3.1. Experimental Device for Thermophysical Characterisation

The experimental set-up is as shown in Figure 5.

The device shown in Figure 6 consists of using a flat heating element (10 cm × 10 cm) fitted with a “MINCO 230Ω P” heating resistor (probe see Figure 4) inserted between two flat surface samples of the material to be characterized. The heating probe and the sample preferably have the same surface, the aim being to be able to make the hypothesis that the heat transfer is unidirectional during the time when the lateral convective losses are negligible. Temperature acquisition is done using a type K thermocouple with 0.002 mm diameter wires, glued to the centre of the MINCO HK 5178 heating element.

First, we calibrated the heating element. The heating element has a thickness *e _{h}* = 0.25 mm and a volumetric heat capacity

Figure 5. Asymmetrical hot plane experimental setup.

Figure 6. Asymmetrical hot plane experimental device (cross-sectional view) and combination of equipment.

set-up is placed on an isothermal block (made of aluminum) with a thickness of 2 cm and a cross-section of 20 cm × 20 cm. The temperature (*T*_{0}) of this isothermal block is assumed to be uniform. This assumption is validated if the

${B}_{i}=\frac{h\cdot L}{{\lambda}_{Al}}$ Biot number is less than 0.1 [18].

Indeed, considering a convection coefficient *h* = 10 Wm^{−}^{2} K^{−1}, the thermal conductivity of the Al blocks *λ* = 200 Wm^{−1} K^{−1} leads to *B _{i}* = 0.01,

A heat flow step (thermal power *P* = *UI*) is then applied by means of a voltage generator (stabilized power supply 0 - 30 V: see Figure 4) and the evolution of the temperature *T _{s}*(

1D Quadrupole Modelling

Since the transverse dimensions of the resistor are large compared to the thickness of the sample, the heat transfer can be assumed to remain unidirectional at the centre of the probe and modelled using the quadrupole method [19] [20] [21]. With this assumption, the temperature at the centre of the heating element depends only on the z-coordinates and the time *t*

1) 1D model for a semi-infinite model

Here, we will consider the probe as a thin system (the temperature will then be uniform over the entire thickness of the probe).

- The thermal quadrupole method applied to the sample for the upward flow is written:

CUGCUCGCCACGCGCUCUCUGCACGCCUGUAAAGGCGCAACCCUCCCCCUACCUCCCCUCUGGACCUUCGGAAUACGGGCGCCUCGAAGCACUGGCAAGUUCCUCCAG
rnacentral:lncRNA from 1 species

$\left(\begin{array}{c}{\theta}_{0}\\ {\Phi}_{01}\end{array}\right)=\left(\begin{array}{cc}1& 0\\ {\rho}_{s}{c}_{s}{e}_{s}p& 1\end{array}\right)\left(\begin{array}{cc}1& S{R}_{cse}\\ 0& 1\end{array}\right)\left(\begin{array}{c}{\theta}_{3}\\ E\sqrt{p}{\theta}_{3}\end{array}\right)$ (1)

- The quadrupole method applied for the downward flow is written by also considering the insulator as a semi-infinite material:

$\left(\begin{array}{c}{\theta}_{0}\\ {\Phi}_{02}\end{array}\right)=\left(\begin{array}{cc}1& S{R}_{csi}\\ 0& 1\end{array}\right)\left(\begin{array}{c}{\theta}_{4}\\ {E}_{i}\sqrt{p}{\theta}_{4}\end{array}\right)$ (2)

${\theta}_{0}=L\left({T}_{0}\left(x,t\right)\right)$ is the Laplace transform of the temperature rise at the probe ${T}_{S}\left(t\right)={T}_{0}\left(t\right)-T\left(0\right)$ ; ${\Phi}_{01}=L\left({\varphi}_{0}\left(x,p\right)\right)$ is the Laplace transform of the heat flux density dissipated in the sample upwards; ${\Phi}_{02}$ is the Laplace transform of the heat flux density dissipated in the sample downwards. ${R}_{cse}$ is the contact resistance at the probe/sample interface, ${R}_{cei}$ is the contact resistance at the sample/insulator interface, ${R}_{csi}$ is the contact resistance at the probe/insulator interface.

The total flux density is given by the relation

${\Phi}_{0}={\Phi}_{1}+{\Phi}_{2}$ (3)

Combining all these different matrices, we arrive at the relationship that represents the theoretical response of the asymmetric semi-infinite hot plane model in Laplace space [22]:

${\theta}_{c}\left(x,p\right)=\frac{{\varphi}_{0}S}{p}\cdot \frac{1}{\frac{{\rho}_{s}{c}_{s}{e}_{s}Sp+\left(1+{R}_{chs}{\rho}_{s}{c}_{s}{e}_{s}Sp\right)ES\sqrt{p}}{1+{R}_{chs}ES\sqrt{p}}+\frac{{E}_{i}S\sqrt{p}}{1+{R}_{chi}{E}_{i}S\sqrt{p}}}$ (4)

A simplified estimation at long times (simplified model), of the Relation (4) allows to obtain in real space.

$\Delta T\left(0,t\to \infty \right)={\varphi}_{0}S\left(\frac{{E}^{2}{R}_{chs}+{E}_{i}^{2}{R}_{chi}}{{\left(E+{E}_{i}\right)}^{2}}-\frac{{\rho}_{s}{c}_{s}{e}_{s}}{S{\left(E+{E}_{i}\right)}^{2}}\right)+\frac{2{\varphi}_{0}}{\left(E+{E}_{i}\right)\cdot \sqrt{\pi}}\sqrt{t}$ (5)